The phrase, “I am my own worst enemy,” applies to bloggers more often than not. If you aren’t getting the traffic you want, most of the time you have no one to blame but yourself. Want to see more readers, more engagement, and more sales? Stop sabotaging yourself! You might not realize it, but a little more care with your actions can make a huge difference. Here are the ten crazy things bloggers do to sabotage themselves:
1. Have Bad About Pages
I can’t tell you how many times I’m on a blog, click the “About” page to read more, and am utterly disappointed. First and foremost, your about page should include your name. Even if you talk in the first person, you can say, “Hi, I’m Jane Doe. Welcome to my blog!” Your bio doesn’t have to be three miles long, but it should tell me what makes you qualified to blog about the topic at hand, as well as what to expect from your blog (which is fine to put on a separate “About the Blog” page, but it needs to be somewhere). If you don’t tell me who you are, I don’t feel a connection with you and I probably won’t be back again.
2. Post Apologies for Not Writing
Haven’t written in a while? That’s okay. Don’t make your first post back an entire post apologizing for not writing and promising to write more. It’s wasting my time. I’m there for actual content. Funny thing is, most bloggers who do that end up writing a series of “I’m sorry” posts because they just disappear again after a few days. If you must, apologize in the first lined of your post, but then jump back into the content I’m there to read.
3. Say, “It’s a labor of love.”
If you blog for fun, go ahead and say that your blog is a labor of love. But if you’re trying to make money this way, calling it a labor of love only sabotaged your money-making efforts. Calling it that solidifies in your mind and in the mind of everyone else that it’s not making money and probably is never going to make money. Instead, start calling it a business. You can still be passionate about and love your business! But you need to be the first person to acknowledge it as such if you want others to take you seriously as well.
4. Not Use Maintenance Mode
If you have to update your blog, download a maintenance mode plug in and use it. If I visit for the first time and it’s a wreck, I probably won’t come back. I have no way of knowing that it’s not usually like that.
5. Hide Social Media Links
Don’t make me Google to find you on Twitter or other social media sites. Proudly display these buttons on your blog, preferably on your sidebar or in the navigation bar. I’m not going to hunt you down in most cases.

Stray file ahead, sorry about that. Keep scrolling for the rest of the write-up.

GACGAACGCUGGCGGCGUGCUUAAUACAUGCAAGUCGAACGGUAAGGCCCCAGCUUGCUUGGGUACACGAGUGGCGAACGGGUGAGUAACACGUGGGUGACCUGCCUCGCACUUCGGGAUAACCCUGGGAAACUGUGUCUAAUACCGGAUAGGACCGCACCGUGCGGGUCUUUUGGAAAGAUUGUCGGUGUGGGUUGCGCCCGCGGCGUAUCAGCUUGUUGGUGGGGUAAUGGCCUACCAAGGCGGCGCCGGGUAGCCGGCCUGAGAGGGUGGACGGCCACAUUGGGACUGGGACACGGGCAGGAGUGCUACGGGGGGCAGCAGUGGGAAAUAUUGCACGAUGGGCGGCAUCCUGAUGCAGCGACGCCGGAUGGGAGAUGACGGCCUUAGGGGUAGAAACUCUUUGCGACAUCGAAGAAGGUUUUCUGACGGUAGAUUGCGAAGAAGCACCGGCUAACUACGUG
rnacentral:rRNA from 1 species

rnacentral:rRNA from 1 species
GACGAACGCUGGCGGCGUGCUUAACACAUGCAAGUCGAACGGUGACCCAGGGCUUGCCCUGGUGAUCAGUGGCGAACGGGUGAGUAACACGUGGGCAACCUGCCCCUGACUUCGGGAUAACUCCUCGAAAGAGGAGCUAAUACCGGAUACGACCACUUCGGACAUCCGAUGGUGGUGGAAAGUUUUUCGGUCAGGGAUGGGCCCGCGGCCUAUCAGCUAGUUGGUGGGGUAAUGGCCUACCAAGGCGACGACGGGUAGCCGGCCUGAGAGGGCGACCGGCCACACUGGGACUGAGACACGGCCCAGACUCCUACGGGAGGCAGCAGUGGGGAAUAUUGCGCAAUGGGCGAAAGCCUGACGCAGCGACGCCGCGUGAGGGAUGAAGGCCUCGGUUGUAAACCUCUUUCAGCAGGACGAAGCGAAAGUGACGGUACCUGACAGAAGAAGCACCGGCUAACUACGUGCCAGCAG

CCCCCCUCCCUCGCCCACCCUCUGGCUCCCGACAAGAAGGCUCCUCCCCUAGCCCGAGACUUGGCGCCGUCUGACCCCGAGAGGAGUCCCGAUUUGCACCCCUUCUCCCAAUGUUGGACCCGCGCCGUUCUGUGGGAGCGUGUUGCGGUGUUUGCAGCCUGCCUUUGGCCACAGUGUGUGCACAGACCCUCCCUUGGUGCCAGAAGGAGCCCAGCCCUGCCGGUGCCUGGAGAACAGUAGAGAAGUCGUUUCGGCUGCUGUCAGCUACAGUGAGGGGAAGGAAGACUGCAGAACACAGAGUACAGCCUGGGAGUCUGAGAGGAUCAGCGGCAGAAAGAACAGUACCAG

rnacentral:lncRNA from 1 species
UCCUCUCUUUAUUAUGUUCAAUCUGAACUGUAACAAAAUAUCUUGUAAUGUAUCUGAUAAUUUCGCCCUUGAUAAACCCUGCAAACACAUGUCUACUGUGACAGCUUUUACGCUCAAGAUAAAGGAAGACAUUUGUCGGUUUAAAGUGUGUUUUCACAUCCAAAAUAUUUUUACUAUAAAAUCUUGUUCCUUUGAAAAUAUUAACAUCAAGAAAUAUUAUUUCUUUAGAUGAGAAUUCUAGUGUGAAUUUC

6. Use Twitter as a Place to Vent
Twitter is such a casual atmosphere that we often forget just who is watching us. We all get emotional from time to time, and occasionally Twitter becomes a place to vent about those emotions, whether we’re excited, sad, or angry. But if that’s the norm for you on Twitter, you’re probably going to attract the wrong people and lose the followers you really do want. Try to think of Twitter as a professional networking event. You might vent a little to friends occasionally, but keep in mind that everyone else can overhear you.
7. Post Without Categories or Tags
Categories and tags have been around since the dawn of blogging. Or at least it feels that way. If you don’t categorize and tag your posts, you’re not only missing out on valuable Google juice, but you’re also making your blog a lot harder for readers to navigate. It only takes a few minutes to add these to a post, so there’s really no good reason not to do it, yet I constantly run across blogs that are uncategorized with no tags.
8. Give Out Their Phone Number and Address
What are you nuts? There are tons of creepy people online. Don’t give out your personal information! I see people do this all the time and I makes me shudder. If you want people to be able to contact you, get a business number and a P.O box. Giving out your address is especially scary. I’ve dealt with a crazy stalker before and it’s no fun. Protect yourselves, people!
9. Beg for Shares
Occasionally, it is okay to ask people to share your work. For example, yesterday, a friend DM’ed me and asked for a retweet on her latest post about searching for a new job. I was happy to do that. We’re friends. But if we’ve never talked before, please don’t DM me and ask me for a RT. At the most, DM me and ask me to read your post IF (and only if) it is super relevant to my interests. I’ll RT it if I want. And even if we are friends, only ask me to RT something that’s super important to you. If you DM me every single post, I’m probably going to unfriend you, and I certainly won’t share your work.
Along those same lines, if you add “Please RT” every single time you’re sharing something, it’s obnoxious. Only use that for special announcements. Otherwise, I’m actually more likely not to retweet because I find you annoying.
10. Post on a “When I Feel Like It” Schedule
Lastly, the biggest thing bloggers are doing to sabotage themselves, in my opinion, is following the advice to “only blog when you have something to say.” That’s great advice in theory, but bloggers are taking it to mean “I only have to blog a few times a month.” Here’s the thing: If you don’t have something intelligent to say about your blog’s topic on a regular basis, why are you even blogging at all? The “when I feel like it” schedule is just lazy. You shouldn’t force posts when you honestly don’t feel passionate about a topic, but if you aren’t posting regularly, you’re won’t have the success you could have. This doesn’t mean you have to post every day – but be consistent and make sure you don’t go so long between posts that people forget who you are.
Image via Wikimedia Commons.